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Don't Forget to Scrub Your Molars!

Page 3

Bill Hampel

Not always the most perceptive person, and certainly unaware of my habitually cheeking teachers, but Mum realized that even going to school might have been preferable to visiting the dentist. She therefore took us to a Red Cliffs restaurant for a luncheon treat. The immaculately suited restauranteur, silver hair, red flower in buttonhole, motioned us with a forced smile to a table covered in lace table cloth. He moved, with great care, not to obscure a photo of an attractive young woman prominently displayed on his desk. ‘My daughter’, he said with evident pride. ‘She was a model, you know.  Now she’s married to the President of Lebanon”. Or was she just dating him, and the proud father had high hopes for her?

Despite this Middle Eastern connection, the meal was distinctly Australian: vegetables reduced to mush and lamb peaks emerging from a sea of gravy. Not that the quality of food was my main concern. By this time, my jaw had locked from holding it open all morning, and  it was more than I could do to stop dribbling over my frozen lips into the gravy.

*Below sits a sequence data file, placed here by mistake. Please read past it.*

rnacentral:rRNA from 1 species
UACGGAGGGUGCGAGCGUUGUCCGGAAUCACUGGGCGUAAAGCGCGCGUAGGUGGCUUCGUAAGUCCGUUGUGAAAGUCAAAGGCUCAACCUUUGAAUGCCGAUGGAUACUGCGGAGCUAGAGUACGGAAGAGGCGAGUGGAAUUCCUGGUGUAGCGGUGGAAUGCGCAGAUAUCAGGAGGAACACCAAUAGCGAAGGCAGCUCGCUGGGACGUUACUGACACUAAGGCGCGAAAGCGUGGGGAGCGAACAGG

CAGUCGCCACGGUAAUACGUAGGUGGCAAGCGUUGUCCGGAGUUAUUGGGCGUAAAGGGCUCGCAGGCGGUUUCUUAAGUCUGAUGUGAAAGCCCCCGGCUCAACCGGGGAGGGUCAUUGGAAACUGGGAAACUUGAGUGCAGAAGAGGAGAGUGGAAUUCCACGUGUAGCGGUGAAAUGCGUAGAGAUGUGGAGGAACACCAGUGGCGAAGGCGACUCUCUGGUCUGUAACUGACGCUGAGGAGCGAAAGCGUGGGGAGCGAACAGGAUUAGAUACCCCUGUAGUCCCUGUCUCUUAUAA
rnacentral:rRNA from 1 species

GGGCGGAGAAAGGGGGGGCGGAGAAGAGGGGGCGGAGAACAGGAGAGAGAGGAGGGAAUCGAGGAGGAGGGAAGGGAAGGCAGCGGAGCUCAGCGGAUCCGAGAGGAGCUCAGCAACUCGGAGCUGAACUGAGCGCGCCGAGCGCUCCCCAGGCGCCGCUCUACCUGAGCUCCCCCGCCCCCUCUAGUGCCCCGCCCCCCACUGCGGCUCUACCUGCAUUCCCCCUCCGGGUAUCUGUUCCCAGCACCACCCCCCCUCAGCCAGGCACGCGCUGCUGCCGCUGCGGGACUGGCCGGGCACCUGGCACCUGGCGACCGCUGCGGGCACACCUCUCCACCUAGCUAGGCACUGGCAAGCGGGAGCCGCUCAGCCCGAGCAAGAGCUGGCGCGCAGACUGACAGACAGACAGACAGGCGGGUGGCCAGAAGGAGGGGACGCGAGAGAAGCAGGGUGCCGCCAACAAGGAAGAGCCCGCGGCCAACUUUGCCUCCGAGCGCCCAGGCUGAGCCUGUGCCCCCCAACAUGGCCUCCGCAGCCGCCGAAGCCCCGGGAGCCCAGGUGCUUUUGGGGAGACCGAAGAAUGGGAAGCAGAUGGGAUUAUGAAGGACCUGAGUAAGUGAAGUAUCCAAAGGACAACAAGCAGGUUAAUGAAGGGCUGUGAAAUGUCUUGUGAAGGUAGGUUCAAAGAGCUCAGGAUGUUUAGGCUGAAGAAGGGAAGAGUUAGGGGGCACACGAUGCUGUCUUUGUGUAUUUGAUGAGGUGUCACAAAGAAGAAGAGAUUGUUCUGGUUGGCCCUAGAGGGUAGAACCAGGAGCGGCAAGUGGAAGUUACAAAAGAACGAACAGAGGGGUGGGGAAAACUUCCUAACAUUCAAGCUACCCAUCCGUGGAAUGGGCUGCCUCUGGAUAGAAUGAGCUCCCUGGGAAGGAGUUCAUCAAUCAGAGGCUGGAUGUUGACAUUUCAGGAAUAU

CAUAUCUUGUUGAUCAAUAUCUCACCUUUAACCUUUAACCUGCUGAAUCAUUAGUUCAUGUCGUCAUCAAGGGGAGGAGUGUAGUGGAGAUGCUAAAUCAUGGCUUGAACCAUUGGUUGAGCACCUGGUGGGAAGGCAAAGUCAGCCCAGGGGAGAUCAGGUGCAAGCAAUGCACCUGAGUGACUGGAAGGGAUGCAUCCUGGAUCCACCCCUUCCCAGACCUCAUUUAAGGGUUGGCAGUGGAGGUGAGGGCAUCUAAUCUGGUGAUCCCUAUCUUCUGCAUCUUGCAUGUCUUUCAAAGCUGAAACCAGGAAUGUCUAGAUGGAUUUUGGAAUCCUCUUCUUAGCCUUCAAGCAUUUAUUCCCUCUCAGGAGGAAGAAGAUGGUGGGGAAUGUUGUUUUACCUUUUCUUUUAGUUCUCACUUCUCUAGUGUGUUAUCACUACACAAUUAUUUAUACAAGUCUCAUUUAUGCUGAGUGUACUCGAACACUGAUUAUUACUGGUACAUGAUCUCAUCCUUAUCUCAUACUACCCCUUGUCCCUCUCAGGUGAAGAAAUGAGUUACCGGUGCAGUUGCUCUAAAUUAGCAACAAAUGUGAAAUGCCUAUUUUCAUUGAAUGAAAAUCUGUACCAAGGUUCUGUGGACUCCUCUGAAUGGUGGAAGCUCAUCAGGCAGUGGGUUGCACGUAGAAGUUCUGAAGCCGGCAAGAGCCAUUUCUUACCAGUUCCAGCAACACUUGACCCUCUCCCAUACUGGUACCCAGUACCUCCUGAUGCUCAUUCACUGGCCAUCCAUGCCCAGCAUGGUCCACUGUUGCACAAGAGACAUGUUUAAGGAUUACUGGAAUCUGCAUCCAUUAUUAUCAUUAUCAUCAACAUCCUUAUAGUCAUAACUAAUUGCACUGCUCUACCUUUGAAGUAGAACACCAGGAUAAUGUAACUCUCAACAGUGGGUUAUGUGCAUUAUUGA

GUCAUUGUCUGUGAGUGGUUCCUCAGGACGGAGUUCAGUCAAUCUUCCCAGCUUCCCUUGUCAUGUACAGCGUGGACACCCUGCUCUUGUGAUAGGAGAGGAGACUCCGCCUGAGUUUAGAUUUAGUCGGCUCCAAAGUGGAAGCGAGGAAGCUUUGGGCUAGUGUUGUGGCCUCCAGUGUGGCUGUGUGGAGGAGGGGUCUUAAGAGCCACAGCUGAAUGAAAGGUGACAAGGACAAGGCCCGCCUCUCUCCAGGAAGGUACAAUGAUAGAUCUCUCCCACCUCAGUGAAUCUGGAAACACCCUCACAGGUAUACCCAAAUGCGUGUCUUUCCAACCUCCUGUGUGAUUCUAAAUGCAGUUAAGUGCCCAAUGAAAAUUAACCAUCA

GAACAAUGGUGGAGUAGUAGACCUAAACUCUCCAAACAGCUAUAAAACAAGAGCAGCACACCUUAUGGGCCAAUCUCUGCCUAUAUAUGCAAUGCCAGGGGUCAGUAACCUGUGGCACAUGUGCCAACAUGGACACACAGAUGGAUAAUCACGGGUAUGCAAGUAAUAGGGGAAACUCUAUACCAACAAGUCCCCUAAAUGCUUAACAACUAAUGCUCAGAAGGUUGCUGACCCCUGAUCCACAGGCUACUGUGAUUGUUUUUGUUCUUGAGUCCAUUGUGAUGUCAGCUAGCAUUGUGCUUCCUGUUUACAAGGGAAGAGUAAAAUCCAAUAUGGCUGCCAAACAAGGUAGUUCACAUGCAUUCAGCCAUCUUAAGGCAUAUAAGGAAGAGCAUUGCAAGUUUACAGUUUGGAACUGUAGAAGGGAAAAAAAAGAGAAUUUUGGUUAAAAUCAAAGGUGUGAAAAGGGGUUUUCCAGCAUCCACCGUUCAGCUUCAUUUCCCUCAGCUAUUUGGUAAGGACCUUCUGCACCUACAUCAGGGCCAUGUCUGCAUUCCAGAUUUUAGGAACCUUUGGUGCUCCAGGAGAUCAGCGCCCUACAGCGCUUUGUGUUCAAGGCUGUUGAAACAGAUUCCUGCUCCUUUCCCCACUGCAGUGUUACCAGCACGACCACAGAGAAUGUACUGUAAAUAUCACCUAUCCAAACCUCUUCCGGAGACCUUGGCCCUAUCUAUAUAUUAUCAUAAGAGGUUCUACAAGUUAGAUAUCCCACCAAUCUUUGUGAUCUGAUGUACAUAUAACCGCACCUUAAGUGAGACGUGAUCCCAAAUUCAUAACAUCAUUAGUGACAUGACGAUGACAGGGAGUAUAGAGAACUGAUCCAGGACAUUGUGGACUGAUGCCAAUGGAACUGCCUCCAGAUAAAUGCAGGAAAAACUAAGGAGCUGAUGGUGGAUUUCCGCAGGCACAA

In that era, needles took on frightening harpoon dimensions and I had become used to the euphemistic ‘Just a little prick’. Our dentist’s custom was to drive home the injection and then attend to my brother Bruce in an adjoining surgery, while my anaesthetic staggered towards its paralysing objective. Periodically, he’d come back and give my gums a poke to assess the progress of face numbing. ‘A bit longer’, he’d say with the comforting satisfaction of a country woman testing a cake with a skewer. Meanwhile, my infantile thoughts fluctuated between guilt and wistful memories of the small doses of chocolate that had quietly supplemented the destructive work of genes. The business of numbing didn’t stop at nerves and gums. It affected everything below my eyes. Our dentist believed in carpet bombing.

Afternoon saw more of the same: More needles, more jackhammer pounding from the drill, more spitting, grinding and sanding, and finally, release. Or so we thought. The long trip home in encroaching darkness was no treat. Car sickness meant we pulled over to punctuate the still, roadside air with our retching. With paralysed lips, even that had its problems. To our relief, these dental visits weren’t frequent.



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